January 31, 2012

Review: Donald Hall, Unpacking the Boxes

After the American Century                                                                                                                                                          

I have just finished reading Donald Hall's fine memoir, Unpacking the Boxes (Houghton Mifflin, 2008). It is a fitting conclusion to the autobiographical vein in his work that began with his first book, String too Short to be Saved (1961)That book was about his summers on the New Hampshire farm where he helped his maternal grandparents. This one begins outside of New Haven, where his father worked as an accountant for a milk company owned by his grandfather. As often happens, his two parents came from quite different worlds. In New Haven his mother drank cocktails and sought to emulate the middle class of the late 1920s and early 1930s. In New Hampshire, however, his mother felt at home, and soon her son found that he preferred it as well.

Unpacking the Boxes was written from that same New Hampshire farm, which Hall inherited and moved back to in the 1970s. There he literally unpacked the boxes that contain mementos of his early life. This awakened memories of early childhood and his awakening to poetry. Even before he reached high school, Hall was passionately interested in words and writing, and his descriptions of his early embrace of the Muse is entwined with his equally passionate pursuit of girls. He admits that one of the attractions of being a poet when young was that young ladies found it quite appealing.

Hall proved a seriously productive writer, with, by my count, 15 books of poetry, two biographies, three plays, a dozen children's books, two collections of short stories, and six autobiographical works.

Hall spent two years at Exeter Academy, where his father sent him, determined that his only son should have any career he liked, and not waste another life entombed in the family dairy business. Young Hall was a prodigious worker, who already knew he wanted to be a poet. At Exeter, he steadily rose from almost failing grades in Latin and several other subjects to very high marks, winning a place at Harvard, where he also excelled. From there he had an enviable string of fellowships, with two years at Oxford, a year at Stanford, and then three more years at Harvard. In these student years he met many of the major poets of the generation ahead of him, such as Richard Wilbur and John Ciardi. Already by the time he reached Oxford he was something of a personage, taking on an editorial role as well as writing. He became a close friend of George Plimpton and at a young age was editor of poetry for his Paris Review. (The major poets whom he got to know at this time, notably Robert Frost, are the subject of another Hall memoir, Remembering Poets that I highly recommend.)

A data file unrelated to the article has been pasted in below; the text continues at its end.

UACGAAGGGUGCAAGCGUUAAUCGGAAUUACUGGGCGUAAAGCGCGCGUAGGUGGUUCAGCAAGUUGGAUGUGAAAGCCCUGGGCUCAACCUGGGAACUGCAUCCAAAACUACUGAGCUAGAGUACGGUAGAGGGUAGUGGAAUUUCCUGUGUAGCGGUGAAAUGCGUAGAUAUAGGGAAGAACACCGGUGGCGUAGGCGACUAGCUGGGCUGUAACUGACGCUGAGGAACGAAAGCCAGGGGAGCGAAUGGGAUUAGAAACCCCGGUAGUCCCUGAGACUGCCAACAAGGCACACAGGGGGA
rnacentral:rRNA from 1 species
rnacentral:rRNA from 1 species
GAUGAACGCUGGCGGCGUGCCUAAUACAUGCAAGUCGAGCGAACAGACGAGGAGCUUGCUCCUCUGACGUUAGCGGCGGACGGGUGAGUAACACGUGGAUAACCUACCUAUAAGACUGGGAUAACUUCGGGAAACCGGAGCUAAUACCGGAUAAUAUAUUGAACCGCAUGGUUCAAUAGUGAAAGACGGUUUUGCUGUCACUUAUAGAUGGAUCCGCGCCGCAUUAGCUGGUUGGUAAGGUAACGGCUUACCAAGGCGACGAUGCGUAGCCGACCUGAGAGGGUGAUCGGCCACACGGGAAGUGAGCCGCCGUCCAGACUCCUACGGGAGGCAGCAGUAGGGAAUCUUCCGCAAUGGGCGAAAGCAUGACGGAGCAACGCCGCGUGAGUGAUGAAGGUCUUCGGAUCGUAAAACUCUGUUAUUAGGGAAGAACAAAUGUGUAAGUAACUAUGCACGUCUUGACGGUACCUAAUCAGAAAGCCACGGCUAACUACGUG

Hall might have said more about the confrontation between the Beat poets and the more classical or traditional poets, among whom Hall was a leader. Their differences were more poetical than political. Hall was Left leaning all through his career, and he admired the work of Walt Whitman, even if initially far more drawn to the great English Romantics such as Keats and the metaphysical poets. He belonged to that generation who felt it necessary to have read all the predecessors. At Harvard, for each weekly tutorial with Harry Levin he was to have read ALL the poetry by one person, William Blake for example, and be ready to discuss it intensely for an hour alone with the professor.

Hall's own work did change after his encounter with the Beat Generation, even if he remained closer to the classical tradition. I did not know that Hall became close friends with Robert Bly at Harvard, or that their friendship endured through life. I should have realized, because I did know that each of them went to Harvard, but somehow I never made the connection. Likewise, Hall was close to Galway Kinnell. These writers were closer in sensibility to the Beats, and their connection to him rightly suggests that Hall was not doctrinaire in his aesthetics. He knew and loved quality, and long before they were famous befriended the important emerging writers in the British Isles such as Ted Hughes and Seamus Heaney, as well.

In its first half, this is primarily an intellectual autobiography about a poet's coming of age. Then it divides in c. 1970, when his first marriage fell apart. Yet another of Hall's books has already treated this middle period of his life in detail so he skips through it rather schematically, covering his arrival in Ann Arbor (where he taught for the better part of a decade) in far more detail than the decision to leave academia. He liked teaching but he longed to be a writer full time and managed to do it. In good part it was possible because he was so fortunate as to inherit the New Hampshire house and because he had a steady income from a good deal of prose writing. Notably, he wrote a fine book that I used myself in teaching writing, back in the early 1970s. Appropriately titled Writing Well, it remains one of the best introductory texts one can find.